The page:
A church, in other words, is as much characterized by the interaction of its members as it is by the relative strength and weakness of its individual members. I think this is why there are so many “one another” commands given in Scripture. Love one another. Bear with one another. Serve one another. Be of the same mind. Forgive one another. Etc. All of these commands describe interactions between members of the community that will, over time, form patterns of interaction, and thus a virtuous emergent system – a Christ-like church culture. This church culture will then have a downward force on its individual members.

When seen in a positive way we will see that a loving church (a church characterized by loving interactions) will produce loving members. A forgiving church, forgiving members. A mature church, mature members. A church where members think of ways to spur one another on to righteousness, a holy church.

In the negative we will see that a bitter church will produce bitter members. A legalistic church, legalistic members. A faithless church, faithless members. I think this is why so many people, even strong Christians, can be ruined in a toxic church environment. A house where the foundations are crumbling will not be helped by a solid roof. A body that has cancer will not be helped, at least not in the long run, by a strong arm. Indeed, the arm itself will grow weak and eventually die as it is destroyed by the disease spreading throughout the rest of the body.

As a preacher, I need to think through this. Discipleship is more than just knowledge acquisition. It comes, at least in large degree, from a community. When I preach I need to think not just of what individual response I am hoping the sermon produces, but what sort of church culture the sermon would produce. In my short time as a pastor I have observed that a Christ-like church culture does a lot more for long-term spiritual formation than does a rousing sermon. Sermons are important, obviously, but often they are important in the way they reinforce the virtuous processes of the emergent system that is the church.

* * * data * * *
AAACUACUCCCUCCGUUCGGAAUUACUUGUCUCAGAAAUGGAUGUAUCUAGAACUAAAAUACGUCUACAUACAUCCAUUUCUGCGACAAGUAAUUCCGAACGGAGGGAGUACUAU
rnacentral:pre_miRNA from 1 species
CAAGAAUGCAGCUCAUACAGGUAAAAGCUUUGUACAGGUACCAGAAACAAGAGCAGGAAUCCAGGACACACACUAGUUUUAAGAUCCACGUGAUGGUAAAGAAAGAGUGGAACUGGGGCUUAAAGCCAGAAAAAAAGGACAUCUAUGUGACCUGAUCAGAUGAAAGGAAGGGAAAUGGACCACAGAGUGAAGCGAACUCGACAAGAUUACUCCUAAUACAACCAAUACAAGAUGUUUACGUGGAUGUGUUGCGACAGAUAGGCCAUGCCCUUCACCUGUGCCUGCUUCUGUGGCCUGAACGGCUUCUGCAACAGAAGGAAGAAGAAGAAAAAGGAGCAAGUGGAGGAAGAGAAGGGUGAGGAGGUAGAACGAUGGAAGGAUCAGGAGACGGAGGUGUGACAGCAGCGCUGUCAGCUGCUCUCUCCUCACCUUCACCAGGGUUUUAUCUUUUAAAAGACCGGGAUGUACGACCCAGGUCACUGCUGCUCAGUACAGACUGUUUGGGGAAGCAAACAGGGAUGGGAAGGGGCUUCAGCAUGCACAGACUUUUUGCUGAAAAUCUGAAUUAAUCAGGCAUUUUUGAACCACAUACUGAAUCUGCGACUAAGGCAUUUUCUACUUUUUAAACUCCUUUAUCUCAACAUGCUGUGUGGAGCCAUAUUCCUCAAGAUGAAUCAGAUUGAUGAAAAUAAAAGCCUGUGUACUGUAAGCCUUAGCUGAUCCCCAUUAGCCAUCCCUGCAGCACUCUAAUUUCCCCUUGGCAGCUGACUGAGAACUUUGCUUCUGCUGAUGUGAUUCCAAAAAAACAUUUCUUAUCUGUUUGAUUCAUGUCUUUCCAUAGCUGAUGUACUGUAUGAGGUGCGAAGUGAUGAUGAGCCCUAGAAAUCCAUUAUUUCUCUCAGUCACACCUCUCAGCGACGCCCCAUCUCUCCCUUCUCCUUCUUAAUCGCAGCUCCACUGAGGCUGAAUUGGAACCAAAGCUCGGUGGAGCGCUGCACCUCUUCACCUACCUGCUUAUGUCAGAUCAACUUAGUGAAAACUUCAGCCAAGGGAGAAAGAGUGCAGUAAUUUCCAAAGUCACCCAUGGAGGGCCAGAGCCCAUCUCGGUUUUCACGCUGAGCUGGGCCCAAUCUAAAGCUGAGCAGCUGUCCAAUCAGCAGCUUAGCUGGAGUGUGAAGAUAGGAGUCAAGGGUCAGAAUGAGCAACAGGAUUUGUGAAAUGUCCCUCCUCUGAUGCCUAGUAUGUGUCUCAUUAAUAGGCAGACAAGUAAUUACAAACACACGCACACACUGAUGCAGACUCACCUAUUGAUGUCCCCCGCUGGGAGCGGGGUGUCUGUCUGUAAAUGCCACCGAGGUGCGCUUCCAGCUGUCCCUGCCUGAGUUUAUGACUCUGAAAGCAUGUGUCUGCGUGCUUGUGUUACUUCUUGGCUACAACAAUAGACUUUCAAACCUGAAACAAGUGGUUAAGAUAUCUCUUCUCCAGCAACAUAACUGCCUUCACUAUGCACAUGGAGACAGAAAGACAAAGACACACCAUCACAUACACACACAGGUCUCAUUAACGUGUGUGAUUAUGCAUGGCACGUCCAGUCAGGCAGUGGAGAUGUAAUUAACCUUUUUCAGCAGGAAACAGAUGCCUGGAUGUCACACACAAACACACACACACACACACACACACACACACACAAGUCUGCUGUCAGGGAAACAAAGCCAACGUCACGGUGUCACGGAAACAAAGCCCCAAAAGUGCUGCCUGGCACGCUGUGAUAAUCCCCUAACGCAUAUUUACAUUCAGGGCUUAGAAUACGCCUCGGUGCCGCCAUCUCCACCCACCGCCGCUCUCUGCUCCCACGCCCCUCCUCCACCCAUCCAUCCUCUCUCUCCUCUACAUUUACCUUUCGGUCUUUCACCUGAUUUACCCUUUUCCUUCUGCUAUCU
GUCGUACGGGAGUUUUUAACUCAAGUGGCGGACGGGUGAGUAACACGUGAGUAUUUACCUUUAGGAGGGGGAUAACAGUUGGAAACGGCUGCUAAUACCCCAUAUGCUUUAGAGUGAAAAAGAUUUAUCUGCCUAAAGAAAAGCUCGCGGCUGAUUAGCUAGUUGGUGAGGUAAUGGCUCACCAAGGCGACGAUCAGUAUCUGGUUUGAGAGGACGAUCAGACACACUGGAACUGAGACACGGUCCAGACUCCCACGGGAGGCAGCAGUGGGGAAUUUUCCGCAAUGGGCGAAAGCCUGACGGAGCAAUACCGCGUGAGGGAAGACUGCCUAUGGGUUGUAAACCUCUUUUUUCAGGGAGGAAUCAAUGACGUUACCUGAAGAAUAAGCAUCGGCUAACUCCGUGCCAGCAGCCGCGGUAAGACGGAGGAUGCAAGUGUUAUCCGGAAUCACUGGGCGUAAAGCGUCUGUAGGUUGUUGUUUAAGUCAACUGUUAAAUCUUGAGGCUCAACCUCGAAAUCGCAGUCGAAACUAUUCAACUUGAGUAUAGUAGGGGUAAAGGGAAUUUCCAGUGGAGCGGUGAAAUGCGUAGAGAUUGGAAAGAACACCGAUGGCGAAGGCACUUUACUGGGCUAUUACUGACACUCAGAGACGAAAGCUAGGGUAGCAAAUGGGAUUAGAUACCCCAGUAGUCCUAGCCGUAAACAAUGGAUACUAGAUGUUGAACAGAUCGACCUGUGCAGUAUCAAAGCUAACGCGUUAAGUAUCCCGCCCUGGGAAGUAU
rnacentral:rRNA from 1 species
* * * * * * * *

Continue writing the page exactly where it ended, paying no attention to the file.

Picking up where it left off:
Non-preachers should take note as well. If you want to grow in relation to Christ you need more than just more individual Bible reading (though the importance of that should not be discounted). You need to be part of a church.

This Sunday some relative newcomers to our church mentioned that they really appreciated the “spirit” of the church. They didn’t commend the music or the preaching or the programs, but the spirit of the church. I can think of few things I would rather have them compliment. Certainly of the things we do as a church the “spirit” of the church, by which I understood them to mean the culture, values, beliefs and interactions of our church, all the things that make our church more than just a collection of individuals, will have some of the strongest downward force of the spiritual growth of our members.

I’m certainly not convince this particular model – the church as an emergent system – is all encompassing. One big difference arises Brooks’ description of the emergent system and the emergent system that is the church, the presence of Christ. The body has a head – Jesus. The building has a presence – the Spirit. The family has a leader – Christ. And it is really this presence of God, which makes the whole system life-giving and entirely unique.

[1] I don’t mean “my own” to say that my thoughts are original, only that I haven’t seen the ideas described in the blog post linked in this way before. Basically everything in this blog is derivative, and intentionally so.